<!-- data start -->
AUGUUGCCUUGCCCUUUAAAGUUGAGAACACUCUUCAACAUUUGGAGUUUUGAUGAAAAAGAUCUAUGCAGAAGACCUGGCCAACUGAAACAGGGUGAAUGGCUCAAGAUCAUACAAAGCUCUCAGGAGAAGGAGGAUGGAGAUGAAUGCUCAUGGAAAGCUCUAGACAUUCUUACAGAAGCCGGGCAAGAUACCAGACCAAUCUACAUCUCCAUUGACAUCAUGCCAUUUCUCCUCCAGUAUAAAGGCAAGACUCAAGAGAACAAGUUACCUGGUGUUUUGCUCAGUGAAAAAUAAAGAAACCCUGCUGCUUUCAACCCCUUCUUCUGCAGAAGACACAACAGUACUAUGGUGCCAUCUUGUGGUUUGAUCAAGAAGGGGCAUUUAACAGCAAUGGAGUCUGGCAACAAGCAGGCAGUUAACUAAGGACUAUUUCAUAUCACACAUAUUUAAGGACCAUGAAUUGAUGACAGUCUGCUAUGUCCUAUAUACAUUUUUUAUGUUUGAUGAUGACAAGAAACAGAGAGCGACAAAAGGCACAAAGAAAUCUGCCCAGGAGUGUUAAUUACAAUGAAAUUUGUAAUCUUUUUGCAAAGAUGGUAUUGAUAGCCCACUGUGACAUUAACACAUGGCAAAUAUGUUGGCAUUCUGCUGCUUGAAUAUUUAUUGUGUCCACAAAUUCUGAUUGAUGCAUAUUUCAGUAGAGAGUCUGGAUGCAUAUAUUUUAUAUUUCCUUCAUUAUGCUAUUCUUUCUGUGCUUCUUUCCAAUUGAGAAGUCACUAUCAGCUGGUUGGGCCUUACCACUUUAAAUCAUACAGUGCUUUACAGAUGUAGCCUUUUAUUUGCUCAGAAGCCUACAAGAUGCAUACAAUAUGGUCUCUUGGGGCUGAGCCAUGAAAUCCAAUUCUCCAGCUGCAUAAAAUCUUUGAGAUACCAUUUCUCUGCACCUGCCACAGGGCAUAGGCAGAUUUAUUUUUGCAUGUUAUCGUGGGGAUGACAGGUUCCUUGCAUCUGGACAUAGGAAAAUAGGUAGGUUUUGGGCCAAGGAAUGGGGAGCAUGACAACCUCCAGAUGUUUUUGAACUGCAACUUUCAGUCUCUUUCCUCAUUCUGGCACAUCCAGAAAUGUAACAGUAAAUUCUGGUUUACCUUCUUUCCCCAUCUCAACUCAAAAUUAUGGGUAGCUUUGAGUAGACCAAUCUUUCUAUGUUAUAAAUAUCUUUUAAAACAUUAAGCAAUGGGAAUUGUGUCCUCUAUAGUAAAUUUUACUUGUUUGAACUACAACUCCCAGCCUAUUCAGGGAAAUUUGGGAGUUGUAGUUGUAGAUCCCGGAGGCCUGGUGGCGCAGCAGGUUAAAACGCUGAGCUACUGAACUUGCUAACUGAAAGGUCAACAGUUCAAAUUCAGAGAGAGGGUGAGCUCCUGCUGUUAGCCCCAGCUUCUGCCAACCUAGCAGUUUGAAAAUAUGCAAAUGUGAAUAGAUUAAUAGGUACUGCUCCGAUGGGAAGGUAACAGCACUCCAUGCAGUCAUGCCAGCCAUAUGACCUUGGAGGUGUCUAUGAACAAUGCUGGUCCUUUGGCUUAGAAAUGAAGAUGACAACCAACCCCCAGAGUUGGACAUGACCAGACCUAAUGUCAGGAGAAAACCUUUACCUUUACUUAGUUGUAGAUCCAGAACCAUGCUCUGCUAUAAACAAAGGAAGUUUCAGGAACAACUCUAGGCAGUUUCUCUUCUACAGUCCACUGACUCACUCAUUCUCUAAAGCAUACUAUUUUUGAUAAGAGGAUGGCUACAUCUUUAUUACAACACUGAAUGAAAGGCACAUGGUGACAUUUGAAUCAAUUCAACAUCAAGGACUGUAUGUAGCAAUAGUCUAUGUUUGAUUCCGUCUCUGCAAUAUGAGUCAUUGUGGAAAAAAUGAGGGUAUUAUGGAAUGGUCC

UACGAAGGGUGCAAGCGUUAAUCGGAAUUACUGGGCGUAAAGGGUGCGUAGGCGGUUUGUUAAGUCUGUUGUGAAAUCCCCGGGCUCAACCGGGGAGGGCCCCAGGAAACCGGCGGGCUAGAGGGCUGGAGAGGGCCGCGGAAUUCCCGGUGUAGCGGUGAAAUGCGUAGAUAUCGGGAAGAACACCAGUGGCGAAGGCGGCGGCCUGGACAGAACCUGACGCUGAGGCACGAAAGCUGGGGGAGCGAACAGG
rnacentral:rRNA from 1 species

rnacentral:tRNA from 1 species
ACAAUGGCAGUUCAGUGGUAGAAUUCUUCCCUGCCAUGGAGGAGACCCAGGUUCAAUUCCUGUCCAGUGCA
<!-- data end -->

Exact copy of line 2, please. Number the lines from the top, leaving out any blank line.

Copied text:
UACGAAGGGUGCAAGCGUUAAUCGGAAUUACUGGGCGUAAAGGGUGCGUAGGCGGUUUGUUAAGUCUGUUGUGAAAUCCCCGGGCUCAACCGGGGAGGGCCCCAGGAAACCGGCGGGCUAGAGGGCUGGAGAGGGCCGCGGAAUUCCCGGUGUAGCGGUGAAAUGCGUAGAUAUCGGGAAGAACACCAGUGGCGAAGGCGGCGGCCUGGACAGAACCUGACGCUGAGGCACGAAAGCUGGGGGAGCGAACAGG